The OpenInfra Edge Computing Group will be publishing a series of blog posts to address some of the thornier aspects of edge computing as it enters the mainstream adoption cycle.


Edge computing has been part of the emerging technology landscape for coming up on five years now, yet somehow, it remains somewhat of a mystery (or possibly just a Byzantine maze).

The OpenInfra Edge Computing Group has been working towards understanding what edge computing is and what it is not. To demonstrate the crux of the issue, according to the telecoms and their analysts, it is a way of delivering low latency (something that telecoms will tell you is REALLY important) to applications such as some Industrial IoT (autonomous vehicles, UAV), AR/VR, gaming, and telematics applications; these use cases are clearly dependent on low latency for their performance. On the other hand, another way of looking at edge is use cases such as video processing, AI/ML, IoT monitoring for maintenance and diagnostics, where the objective is to use limited bandwidth capacity more effectively by shifting information processing closer to where the data is generated (THE edge).

Since defining what edge is exactly borders on the futile, that does not mean that there is not plenty to talk about. The group stepped away from creating a definition, as in our experience pinpointing what industry and analysts mean when they talk about edge computing is rather elusive. Far more interesting edge topics are what is happening to edge adoption as the technology, use cases and tooling mature. The working group will be sharing our findings and thoughts on some of the more knotty edge challenges that we have encountered, and with that, we begin on a journey to untangle the edge and invite you to join us.

The OpenInfra Edge Computing Group will be publishing a series of blog posts to address some of the thornier aspects of edge computing as it enters the mainstream adoption cycle. We will focus on the far more interesting discussion of the technology and architectures needed to support edge workloads—in whatever form or criteria is required for the given use case. There is no question that there are many edge use cases, ranging from content delivery to tracking data from IoT devices. However, the deeper into the solutions you get, the more it becomes apparent that there are multiple edge related efforts each with their own definitions, architectures and requirements. That does not mean that there are no common criteria and features, it just shows that you cannot talk about edge without context to provide a clear picture of the use case and requirements to avoid ending up on a slippery slope as they constantly evolve along with the industry and ecosystem around them.

Some common edge considerations that will be explored in more depth include:

  • Workload latency (to end users) – This metric can vary from under two milliseconds to orders of magnitude higher. This criteria is often most touted by telecom operators as being the most important factor to consider, but that is more a function of their strong network bias than any requirement for any given edge use case.  Yes, there are use cases that are heavily dependent on low latency and they are worthy of more exploration.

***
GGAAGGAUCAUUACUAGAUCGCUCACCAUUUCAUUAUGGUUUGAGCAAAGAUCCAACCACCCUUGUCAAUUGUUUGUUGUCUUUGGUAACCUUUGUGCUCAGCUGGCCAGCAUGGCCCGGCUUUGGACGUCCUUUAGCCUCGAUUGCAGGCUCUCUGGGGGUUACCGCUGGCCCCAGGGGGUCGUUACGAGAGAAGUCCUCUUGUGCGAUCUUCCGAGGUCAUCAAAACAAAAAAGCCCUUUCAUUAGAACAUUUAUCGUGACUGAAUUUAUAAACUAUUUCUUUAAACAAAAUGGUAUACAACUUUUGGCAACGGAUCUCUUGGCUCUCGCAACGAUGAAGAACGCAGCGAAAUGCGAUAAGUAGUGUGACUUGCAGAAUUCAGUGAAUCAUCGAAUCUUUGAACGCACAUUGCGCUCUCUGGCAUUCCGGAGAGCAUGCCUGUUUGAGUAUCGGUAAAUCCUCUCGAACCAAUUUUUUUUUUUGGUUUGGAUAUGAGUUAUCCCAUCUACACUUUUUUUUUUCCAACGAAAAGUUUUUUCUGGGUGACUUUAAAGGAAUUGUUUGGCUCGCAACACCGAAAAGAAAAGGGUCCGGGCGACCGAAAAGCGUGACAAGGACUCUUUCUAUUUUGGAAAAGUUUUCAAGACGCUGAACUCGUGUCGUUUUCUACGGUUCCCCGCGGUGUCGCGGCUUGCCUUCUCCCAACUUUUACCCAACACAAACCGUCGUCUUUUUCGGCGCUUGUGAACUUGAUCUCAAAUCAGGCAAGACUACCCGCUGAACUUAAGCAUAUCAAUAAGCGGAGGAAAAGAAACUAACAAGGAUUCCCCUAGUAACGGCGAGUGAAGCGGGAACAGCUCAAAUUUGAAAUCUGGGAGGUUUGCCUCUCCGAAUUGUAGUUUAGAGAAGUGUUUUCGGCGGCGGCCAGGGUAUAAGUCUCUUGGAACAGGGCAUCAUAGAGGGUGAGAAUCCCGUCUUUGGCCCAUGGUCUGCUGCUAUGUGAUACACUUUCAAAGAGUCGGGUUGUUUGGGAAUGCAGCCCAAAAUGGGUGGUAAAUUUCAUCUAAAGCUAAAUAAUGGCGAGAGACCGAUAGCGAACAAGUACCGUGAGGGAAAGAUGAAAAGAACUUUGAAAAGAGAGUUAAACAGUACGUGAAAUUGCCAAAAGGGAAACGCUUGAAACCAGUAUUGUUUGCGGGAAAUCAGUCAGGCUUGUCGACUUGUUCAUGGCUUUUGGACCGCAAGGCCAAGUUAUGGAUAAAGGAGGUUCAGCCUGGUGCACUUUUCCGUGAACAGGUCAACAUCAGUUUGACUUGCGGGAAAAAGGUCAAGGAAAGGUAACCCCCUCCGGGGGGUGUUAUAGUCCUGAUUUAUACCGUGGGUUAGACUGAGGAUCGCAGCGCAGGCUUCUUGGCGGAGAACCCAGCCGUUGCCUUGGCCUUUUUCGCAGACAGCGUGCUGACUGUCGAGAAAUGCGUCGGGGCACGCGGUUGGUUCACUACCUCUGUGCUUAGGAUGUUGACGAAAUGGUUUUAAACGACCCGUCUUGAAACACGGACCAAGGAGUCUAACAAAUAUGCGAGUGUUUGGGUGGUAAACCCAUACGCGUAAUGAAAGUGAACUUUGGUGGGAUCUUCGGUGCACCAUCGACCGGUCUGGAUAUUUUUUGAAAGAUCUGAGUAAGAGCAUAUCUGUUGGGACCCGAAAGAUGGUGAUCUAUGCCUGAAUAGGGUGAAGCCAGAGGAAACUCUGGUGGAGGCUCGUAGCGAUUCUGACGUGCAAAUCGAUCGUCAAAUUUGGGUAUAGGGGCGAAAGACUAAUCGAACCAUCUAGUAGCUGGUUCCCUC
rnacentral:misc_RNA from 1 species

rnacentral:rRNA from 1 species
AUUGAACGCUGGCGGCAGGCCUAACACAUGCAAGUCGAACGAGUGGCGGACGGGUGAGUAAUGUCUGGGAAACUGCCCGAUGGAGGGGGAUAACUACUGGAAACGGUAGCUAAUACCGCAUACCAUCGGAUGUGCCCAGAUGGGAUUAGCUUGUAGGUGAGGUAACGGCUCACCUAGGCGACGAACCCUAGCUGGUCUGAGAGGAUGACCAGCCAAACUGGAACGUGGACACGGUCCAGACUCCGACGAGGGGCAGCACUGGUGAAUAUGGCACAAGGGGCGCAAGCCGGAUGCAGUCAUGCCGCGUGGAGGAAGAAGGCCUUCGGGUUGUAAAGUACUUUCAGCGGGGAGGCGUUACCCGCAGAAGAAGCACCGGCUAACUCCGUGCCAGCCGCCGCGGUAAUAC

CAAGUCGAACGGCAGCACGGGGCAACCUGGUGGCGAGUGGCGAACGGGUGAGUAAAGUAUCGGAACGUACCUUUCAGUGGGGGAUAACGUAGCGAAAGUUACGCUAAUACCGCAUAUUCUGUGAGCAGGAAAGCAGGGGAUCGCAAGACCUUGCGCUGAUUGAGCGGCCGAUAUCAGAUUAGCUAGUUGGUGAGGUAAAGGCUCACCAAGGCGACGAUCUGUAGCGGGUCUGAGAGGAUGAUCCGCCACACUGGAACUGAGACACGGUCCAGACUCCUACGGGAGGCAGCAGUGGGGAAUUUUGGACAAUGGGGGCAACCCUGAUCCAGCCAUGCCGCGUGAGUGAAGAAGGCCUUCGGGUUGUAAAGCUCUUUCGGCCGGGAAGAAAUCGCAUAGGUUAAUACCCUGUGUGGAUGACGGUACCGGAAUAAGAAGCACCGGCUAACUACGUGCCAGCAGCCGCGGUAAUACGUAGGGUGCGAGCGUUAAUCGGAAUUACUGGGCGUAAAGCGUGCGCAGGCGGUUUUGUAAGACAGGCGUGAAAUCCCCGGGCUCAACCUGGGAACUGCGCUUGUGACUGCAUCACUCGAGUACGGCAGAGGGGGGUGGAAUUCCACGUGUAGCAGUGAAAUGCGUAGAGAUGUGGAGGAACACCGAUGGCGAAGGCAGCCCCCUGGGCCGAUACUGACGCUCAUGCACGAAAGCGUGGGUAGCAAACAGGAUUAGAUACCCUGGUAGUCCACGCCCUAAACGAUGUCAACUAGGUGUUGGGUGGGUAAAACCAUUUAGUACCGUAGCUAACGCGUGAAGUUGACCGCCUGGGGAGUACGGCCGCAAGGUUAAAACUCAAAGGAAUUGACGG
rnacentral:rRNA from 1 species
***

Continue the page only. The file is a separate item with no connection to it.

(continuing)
• Network transport considerations – How does the underlying transport affect use cases and the thinking about edge?  This is a rich area to dig into as it has been somewhat overlooked. In short, it is much harder to actually manage in real life so to speak.
    • Edge should be transport agnostic, so why is it not?
    • MEC/Edge/5G are not the same thing at all, so how did they get so confused?
  • Where are my edge workloads? — Where are the workloads and how are they moved around on the edge and between the edge and center—some workloads will need to be located at the edge for reasons of reducing backhaul and latency to varying degrees, while others can be moved between edge and center to offload. Determining the best option for a given use case can be tricky.
  • How do constraints affect edge architectures? – One major criteria, which is often overlooked is that edge, by its very nature, is defined by the constraints set by its environment and infrastructure.
  • Edge infrastructure and platform issues — There is wide variability in infrastructure specs, hardware and tooling. Some factors that affect deployments include:
    • Node size: from single CPU to multiple racks (e.g., hyperscalers)
    • Does edge require special hardware, such as accelerators?
  • Does edge work when multi-clouds are required? – Can the edge support multiple platforms or does that quickly become a nightmare of mismatched tools and bad integration?
  • Day 2 operations of edge deployments – When a deployment can range from 10s of sites to thousands or even millions if you count IoT devices as edge, how does deployment scale affect architecture, management and application decisions?

About OpenInfra Edge Computing Group:

The Edge Computing Group is a working group comprised of architects and engineers across large enterprises, telecoms and technology vendors working to define and advance edge cloud computing. The focus is open infrastructure technologies, not exclusive to OpenStack.

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